Dispatch, Explainers February 13, 2020

How Deep Does Barr’s Intervention Go?


Attorney General William Barr’s shocking intervention to help Roger Stone is a blatant abuse of power. It confirms that Barr sees his job as protecting Trump’s political interests rather than enforcing the law. By overturning the prosecutor’s sentencing recommendations, Barr is abandoning longstanding norms to insert himself into a range of cases that implicate Trump and his cronies. His behavior also raises important questions about whether—or how—the attorney general has intervened to protect Trump on a host of other politically sensitive matters.

  • Mueller’s criminal referrals: Appendix D of the Mueller report lists 14 referrals for “potential criminal activity that was outside the scope of the Special Counsel’s jurisdiction.” All except two—Mueller’s referral of Michael Cohen for the Stormy Daniels hush-money scheme and former White House Counsel Greg Craig for alleged violations of the Foreign Agents Registration Act—were redacted for “Harm to Ongoing Matters.” (Cohen pleaded guilty to the relevant charges; Craig was found not guilty.) In addition, documents obtained through Freedom of Information Act Requests appear to show that the Department of Justice (DOJ) closed seven applications for court orders related to Mueller’s investigation on April 1, 2019, just 10 days after Mueller filed his report and more than two weeks before the report became public; it is unclear whether these are related to Mueller’s criminal referrals.
    • Were the cases that the DOJ closed on April 1 related to the criminal referrals?
    • Was Barr involved in the closing of those cases? If so, why?
    • What were the nature of the redacted referrals, and what are their current statuses?
    • Has Barr had any involvement with the redacted criminal referrals?
  • Erik Prince referral: After Mueller’s report was published in April 2019, House Intelligence Chairman Adam Schiff (D-CA) made a criminal referral to the DOJ for Prince, alleging that the former Trump adviser lied to Congress about his contacts with Russian officials on behalf of the Trump transition team. More than 10 months later, on the day before the Senate voted in Trump’s impeachment trial, the DOJ finally confirmed that it was investigating Schiff’s referral. On February 11, the same day Barr reportedly intervened to reduce Stone’s sentencing recommendations, The Wall Street Journal reported that the DOJ is “in the late stages of deciding whether to charge” Prince for the contacts as well as potentially illegal arms trading.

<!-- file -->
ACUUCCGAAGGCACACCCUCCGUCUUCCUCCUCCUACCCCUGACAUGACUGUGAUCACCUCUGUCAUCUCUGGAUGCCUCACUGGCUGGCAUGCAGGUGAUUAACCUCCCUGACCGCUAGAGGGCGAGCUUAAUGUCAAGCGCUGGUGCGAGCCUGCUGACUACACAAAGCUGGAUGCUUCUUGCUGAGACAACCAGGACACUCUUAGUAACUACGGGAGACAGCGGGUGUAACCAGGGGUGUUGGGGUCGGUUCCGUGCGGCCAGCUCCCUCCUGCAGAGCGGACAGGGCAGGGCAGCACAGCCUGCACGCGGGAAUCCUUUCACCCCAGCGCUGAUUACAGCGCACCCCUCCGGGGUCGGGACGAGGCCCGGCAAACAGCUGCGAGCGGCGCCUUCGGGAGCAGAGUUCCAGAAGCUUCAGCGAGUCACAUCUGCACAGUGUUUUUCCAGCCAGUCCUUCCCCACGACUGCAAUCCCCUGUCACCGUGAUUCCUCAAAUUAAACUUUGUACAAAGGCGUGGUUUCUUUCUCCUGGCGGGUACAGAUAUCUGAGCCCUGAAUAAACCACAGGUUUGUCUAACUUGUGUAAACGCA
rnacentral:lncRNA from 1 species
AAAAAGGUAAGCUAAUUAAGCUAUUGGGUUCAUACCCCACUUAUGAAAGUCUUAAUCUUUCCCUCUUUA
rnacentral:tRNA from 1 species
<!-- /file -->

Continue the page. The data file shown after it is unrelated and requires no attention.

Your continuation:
• Why did it take more than 10 months for the DOJ to respond to Schiff’s referral?
    • What role, if any, has Barr played in deciding whether to charge Prince?
  • Rudy Giuliani’s many potential crimes: The DOJ is reportedly investigating Trump’s personal lawyer for a variety of potential crimes, including obstruction of justice, money laundering, and campaign finance violations, apparently related to his work with corrupt Ukrainian oligarchs and officials. However, Barr also confirmed that the DOJ created an “intake process” to work with Giuliani to see if the information he claims to have on Trump’s political opponents is “verified.” Barr did not mention that Giuliani obtained said information through the same relationships with corrupt Ukrainians that prompted the DOJ’s investigation in the first place. In addition, Trump has appeared to repeatedly linked Barr’s international effort to undermine the Russia investigation with Giuliani’s crusade to do the same, including by telling Ukrainian President Volodymyr Zelensky to speak with both Barr and Giuliani about the debunked CrowdStrike conspiracy theory.